Naama Tsabar, Twilight (Drum Stick), 2006, drum head and glass installation
Glass drum sticks embody the force of music (the potential bursting of one phrase into hundreds and thousands tones) and clarify that we are dealing here with an instrument the use of which brings about its shuttering. In this work, Tsabar is looking into definitions of gender roles inherent in the materiality of her drum sticks and the nature of playing drums – fragility and tenderness as opposed to toughness and harshness. Tsabar made a name for herself for her works’ outstanding combination of movement, sound and installation. Her installations are constructed of conventional and invented musical instruments, speakers, gaffer tapes etc. She explores spaces with the help of sound. In her works, the gallery walls metamorphose into musical instruments, which are sometimes operated and brought to life by the viewers. Tsabar often collaborates with musicians and other artists who perform in her installations and create music with her unusual instruments (for example, for the duration of her solo exhibition at Thierry Goldberg Gallery in New York, Tsabar’s site specific installation functioned as a music lab, in which a new piece was composed every week).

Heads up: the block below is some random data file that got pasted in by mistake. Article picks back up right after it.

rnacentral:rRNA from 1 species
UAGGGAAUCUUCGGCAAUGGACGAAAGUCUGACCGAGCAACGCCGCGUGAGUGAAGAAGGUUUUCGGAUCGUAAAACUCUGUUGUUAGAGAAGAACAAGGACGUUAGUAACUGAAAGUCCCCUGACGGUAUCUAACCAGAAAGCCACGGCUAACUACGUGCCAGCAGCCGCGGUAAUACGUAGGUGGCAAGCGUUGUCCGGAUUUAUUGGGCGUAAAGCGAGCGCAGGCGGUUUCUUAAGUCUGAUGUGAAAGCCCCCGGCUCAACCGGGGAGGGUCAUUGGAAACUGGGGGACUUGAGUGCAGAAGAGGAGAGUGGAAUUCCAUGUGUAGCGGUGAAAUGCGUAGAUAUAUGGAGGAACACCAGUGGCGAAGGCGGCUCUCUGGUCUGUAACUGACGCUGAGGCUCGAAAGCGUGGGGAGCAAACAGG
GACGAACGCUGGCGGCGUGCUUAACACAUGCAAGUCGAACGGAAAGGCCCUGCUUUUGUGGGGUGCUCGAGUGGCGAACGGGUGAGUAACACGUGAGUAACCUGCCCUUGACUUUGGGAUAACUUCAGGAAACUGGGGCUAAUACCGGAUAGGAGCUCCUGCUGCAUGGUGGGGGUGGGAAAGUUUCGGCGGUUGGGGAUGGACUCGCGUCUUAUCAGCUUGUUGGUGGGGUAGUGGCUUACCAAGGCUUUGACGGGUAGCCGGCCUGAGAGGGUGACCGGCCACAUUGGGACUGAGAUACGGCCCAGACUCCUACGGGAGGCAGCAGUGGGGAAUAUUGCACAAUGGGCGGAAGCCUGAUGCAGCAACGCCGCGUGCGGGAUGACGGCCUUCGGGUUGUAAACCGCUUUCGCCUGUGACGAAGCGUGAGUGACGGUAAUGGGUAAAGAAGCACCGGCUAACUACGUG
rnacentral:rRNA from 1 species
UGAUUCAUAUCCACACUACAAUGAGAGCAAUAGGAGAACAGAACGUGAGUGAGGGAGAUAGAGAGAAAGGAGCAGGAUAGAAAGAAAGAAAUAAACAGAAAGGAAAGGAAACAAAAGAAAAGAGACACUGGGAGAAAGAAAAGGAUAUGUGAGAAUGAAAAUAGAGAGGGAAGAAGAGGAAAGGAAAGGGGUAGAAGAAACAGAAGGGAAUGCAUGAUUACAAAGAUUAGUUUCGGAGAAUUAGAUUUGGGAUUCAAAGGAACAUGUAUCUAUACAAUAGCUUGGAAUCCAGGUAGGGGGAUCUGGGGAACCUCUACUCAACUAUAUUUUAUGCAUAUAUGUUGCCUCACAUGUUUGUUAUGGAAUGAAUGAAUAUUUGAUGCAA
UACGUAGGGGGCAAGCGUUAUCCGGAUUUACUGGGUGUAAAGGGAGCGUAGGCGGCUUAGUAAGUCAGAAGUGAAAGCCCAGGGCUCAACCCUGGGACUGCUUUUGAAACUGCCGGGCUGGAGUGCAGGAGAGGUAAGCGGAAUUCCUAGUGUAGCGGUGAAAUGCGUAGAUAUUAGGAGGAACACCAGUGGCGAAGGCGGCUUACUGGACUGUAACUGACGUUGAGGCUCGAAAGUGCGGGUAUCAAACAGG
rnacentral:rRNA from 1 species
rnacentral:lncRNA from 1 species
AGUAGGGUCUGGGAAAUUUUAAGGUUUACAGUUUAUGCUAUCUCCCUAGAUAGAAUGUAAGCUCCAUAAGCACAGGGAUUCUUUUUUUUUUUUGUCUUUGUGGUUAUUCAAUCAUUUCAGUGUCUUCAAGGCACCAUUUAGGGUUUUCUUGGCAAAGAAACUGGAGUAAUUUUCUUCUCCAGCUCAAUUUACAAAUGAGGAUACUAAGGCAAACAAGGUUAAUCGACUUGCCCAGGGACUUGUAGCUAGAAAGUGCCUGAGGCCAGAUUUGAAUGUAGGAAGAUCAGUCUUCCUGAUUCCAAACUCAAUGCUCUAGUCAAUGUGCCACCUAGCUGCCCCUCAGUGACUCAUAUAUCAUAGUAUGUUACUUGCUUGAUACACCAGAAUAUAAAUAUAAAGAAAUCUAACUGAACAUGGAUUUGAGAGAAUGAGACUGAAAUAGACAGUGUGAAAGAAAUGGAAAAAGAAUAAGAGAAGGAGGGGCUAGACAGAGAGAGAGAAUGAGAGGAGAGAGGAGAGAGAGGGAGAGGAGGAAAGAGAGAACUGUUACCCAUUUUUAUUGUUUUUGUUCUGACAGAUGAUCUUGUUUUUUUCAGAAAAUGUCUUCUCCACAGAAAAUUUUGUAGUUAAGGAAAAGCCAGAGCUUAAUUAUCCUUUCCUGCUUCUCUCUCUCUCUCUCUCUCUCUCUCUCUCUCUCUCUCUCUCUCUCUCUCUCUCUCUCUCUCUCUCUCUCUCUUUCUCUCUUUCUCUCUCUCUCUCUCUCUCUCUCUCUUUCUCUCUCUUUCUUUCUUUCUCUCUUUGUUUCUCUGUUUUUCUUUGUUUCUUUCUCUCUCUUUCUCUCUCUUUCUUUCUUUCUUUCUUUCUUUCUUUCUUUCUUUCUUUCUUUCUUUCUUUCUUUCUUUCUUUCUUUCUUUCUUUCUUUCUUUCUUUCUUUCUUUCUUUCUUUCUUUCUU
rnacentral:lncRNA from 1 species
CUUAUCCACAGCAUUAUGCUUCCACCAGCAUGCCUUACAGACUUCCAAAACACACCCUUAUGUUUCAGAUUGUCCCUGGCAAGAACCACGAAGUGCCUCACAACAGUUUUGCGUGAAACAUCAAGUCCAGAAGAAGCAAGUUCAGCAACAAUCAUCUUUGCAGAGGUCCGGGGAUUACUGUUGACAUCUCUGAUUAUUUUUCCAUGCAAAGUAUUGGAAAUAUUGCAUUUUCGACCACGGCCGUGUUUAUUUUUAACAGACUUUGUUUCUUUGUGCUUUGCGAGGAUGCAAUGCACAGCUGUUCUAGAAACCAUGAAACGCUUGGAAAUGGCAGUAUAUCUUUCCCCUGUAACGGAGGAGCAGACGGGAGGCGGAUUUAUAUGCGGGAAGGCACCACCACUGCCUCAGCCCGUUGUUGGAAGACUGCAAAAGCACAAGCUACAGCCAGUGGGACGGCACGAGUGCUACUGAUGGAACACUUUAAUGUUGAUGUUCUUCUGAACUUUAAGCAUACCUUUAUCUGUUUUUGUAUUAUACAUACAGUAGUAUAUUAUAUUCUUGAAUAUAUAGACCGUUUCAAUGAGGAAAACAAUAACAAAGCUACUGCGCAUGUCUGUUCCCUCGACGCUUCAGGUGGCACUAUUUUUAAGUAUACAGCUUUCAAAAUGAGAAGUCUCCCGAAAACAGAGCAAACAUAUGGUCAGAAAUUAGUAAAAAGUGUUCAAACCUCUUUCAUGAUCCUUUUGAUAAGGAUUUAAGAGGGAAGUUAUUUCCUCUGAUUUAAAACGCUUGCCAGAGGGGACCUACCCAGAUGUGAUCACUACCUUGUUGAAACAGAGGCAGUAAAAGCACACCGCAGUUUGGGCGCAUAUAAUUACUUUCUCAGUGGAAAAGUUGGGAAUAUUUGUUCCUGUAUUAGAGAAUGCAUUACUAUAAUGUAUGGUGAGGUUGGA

Gal Weinstein, Untitled, 2012, mixed media, 10X7.5 cm
The object shown in this work is a glass of coffee cut exactly in half. Weinstein presents a geological-like cut of the glass. The local “authentic” image, a glass of Turkish coffee, also called “mud” or “black” coffee, has political, cultural and social implications. Drinking this kind of coffee is usually related to Palestinian workers and day laborers of low socio-economic status. This work thus belongs to the long series of works in which Weinstein is engaged in the deconstruction of Zionist myths.
To see the entire list of works, click here.